Nope, we aren't in Colorado anymore.  This is a sure sign that we are back in suburbia!

Sunday, August 5, 2012

Farewell to Redcloud

Our week at family camp flew by.  We packed the majority of our stuff after the variety show on Thursday night, so Friday was just last minute items into the suitcase.  I hadn't really had a chance to take photos with my zoom lens, so once the girls were ready, I headed out just to get some photos of the campsite. 

I realized on my way out of the room that I hadn't really gotten any photos of the cousins all together, so I called them to the front of the loft where they were sleeping and took a quick shot:

Our family and Amy's family actually shared a room for the week.  Originally we each had our own, but we moved into the larger room together so that an additional family could come for the week.  There were two doubles downstairs for the adults, and eight twins in the loft.  I think the kids used six of the eight while we were there - the novelty of the top bunks wore off pretty quickly. 

Dad and Terri did not stay in the lodge, but brought their own lodging which they parked outside.  I knew they were over by the staff cabin, but it wasn't until the last day that I actually walked down to see their accommodations.  This was the first time I'd seen "Ronald Vega" (the girl's name for the RV) in action, and it seemed quite comfortable.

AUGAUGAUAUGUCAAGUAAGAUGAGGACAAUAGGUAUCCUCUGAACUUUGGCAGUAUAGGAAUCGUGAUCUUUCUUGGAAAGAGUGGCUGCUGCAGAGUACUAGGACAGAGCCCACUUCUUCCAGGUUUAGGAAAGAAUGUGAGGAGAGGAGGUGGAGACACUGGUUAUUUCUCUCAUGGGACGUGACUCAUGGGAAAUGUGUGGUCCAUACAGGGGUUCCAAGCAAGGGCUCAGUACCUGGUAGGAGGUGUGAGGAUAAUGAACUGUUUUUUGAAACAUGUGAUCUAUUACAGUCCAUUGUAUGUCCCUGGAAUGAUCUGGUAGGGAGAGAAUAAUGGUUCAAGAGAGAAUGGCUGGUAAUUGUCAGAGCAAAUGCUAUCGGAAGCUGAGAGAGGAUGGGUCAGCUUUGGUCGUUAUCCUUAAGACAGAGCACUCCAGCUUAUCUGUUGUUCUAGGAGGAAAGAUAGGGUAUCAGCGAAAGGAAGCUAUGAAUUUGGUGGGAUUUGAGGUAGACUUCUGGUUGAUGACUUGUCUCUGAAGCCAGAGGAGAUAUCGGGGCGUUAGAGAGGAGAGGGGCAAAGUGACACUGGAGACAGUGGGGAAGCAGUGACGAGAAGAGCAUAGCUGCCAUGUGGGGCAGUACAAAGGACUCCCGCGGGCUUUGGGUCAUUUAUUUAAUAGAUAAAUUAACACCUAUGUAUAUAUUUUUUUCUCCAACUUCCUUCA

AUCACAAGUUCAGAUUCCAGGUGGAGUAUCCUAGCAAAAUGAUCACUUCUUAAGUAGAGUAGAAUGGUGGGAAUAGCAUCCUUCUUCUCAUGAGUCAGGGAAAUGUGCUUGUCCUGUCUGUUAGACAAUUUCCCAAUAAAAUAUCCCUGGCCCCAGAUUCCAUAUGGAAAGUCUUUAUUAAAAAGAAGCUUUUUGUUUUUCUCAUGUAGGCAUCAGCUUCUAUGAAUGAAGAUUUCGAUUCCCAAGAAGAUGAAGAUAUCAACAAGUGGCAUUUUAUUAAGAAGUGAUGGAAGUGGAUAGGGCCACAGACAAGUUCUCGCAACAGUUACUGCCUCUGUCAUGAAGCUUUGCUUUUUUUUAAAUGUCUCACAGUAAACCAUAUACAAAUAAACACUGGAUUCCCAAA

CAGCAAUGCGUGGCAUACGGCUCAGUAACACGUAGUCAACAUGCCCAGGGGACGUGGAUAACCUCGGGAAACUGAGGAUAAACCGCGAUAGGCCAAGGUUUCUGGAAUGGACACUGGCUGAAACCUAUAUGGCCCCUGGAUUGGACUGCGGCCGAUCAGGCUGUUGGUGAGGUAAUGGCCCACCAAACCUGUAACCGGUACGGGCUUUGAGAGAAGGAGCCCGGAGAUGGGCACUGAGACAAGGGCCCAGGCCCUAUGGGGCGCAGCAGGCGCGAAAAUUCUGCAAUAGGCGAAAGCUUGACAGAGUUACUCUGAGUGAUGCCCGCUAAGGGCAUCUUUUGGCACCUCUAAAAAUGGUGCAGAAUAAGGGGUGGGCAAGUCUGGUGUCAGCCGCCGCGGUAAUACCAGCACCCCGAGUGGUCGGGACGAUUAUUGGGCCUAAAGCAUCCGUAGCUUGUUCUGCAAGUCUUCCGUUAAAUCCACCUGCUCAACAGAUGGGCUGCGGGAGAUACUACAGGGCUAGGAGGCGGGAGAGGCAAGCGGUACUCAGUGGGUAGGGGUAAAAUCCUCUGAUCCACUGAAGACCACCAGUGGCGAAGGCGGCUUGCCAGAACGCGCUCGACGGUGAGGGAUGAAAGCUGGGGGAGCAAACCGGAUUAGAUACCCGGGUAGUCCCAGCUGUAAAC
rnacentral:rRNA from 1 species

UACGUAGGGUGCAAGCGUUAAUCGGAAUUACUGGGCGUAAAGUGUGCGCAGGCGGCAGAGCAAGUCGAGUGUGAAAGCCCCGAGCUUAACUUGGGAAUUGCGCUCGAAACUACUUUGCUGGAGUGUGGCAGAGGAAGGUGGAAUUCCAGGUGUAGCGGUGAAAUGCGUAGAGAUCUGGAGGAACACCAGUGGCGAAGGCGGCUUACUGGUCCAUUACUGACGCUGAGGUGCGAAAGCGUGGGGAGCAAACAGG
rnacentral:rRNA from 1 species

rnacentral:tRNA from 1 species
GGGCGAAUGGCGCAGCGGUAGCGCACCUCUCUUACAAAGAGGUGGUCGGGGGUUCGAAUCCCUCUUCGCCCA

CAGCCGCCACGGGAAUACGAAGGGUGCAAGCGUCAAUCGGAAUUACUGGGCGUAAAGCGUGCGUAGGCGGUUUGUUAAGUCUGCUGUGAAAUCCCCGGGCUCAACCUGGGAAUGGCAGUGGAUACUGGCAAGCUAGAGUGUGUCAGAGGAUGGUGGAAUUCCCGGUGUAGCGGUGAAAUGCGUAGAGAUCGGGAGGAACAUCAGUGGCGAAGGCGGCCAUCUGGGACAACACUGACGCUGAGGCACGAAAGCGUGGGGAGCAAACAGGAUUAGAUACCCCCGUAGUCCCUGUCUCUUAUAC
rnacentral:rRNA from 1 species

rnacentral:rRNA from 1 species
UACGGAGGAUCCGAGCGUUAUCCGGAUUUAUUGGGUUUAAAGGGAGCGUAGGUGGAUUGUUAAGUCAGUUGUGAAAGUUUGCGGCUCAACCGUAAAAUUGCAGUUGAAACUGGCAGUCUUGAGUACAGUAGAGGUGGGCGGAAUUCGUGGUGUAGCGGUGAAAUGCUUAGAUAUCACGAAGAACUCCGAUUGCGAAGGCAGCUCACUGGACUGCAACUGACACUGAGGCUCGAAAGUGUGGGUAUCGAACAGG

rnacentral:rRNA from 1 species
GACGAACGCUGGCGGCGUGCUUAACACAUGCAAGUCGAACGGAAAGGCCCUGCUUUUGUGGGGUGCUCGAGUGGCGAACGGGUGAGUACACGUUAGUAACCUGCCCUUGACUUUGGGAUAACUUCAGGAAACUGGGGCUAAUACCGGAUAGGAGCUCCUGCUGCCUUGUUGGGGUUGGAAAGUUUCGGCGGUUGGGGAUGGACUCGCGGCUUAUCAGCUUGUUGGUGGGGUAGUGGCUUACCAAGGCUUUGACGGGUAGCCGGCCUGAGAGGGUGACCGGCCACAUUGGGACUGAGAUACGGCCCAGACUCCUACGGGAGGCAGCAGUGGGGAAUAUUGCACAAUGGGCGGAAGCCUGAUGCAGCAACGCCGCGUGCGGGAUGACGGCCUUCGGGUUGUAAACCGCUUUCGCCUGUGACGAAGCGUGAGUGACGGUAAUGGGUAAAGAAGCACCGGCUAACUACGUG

When we packed I had gotten a lot of grief from Jerry about all the shoes I had packed - boots for riding horses, mud shoes for rafting, tennis shoes for everyday wear, slippers for around the lodge, and so forth.  We had one tote bag filled with nothing but shoes for our family of four.  Dad however, packed an extra trailer and brought along a bike, motorcycle, six lawn chairs, etc, etc, etc.  Now I can say that all I brought was a bag of shoes and it doesn't sound so excessive! 

This is the front entrance to the lodge.  It looks deceptively small from this shot.  They said it was 27,000 square feet, with 13 rooms for families, a big common area where we met for worship, a dining room, and an area downstairs for the kids that I never even saw.  The logs for the lodge were harvested from trees that had been killed by beetles.  We passed through an area like that on our way up, killed by the pine beetle.  It looked like a great big tinderbox just waiting to go up in flames.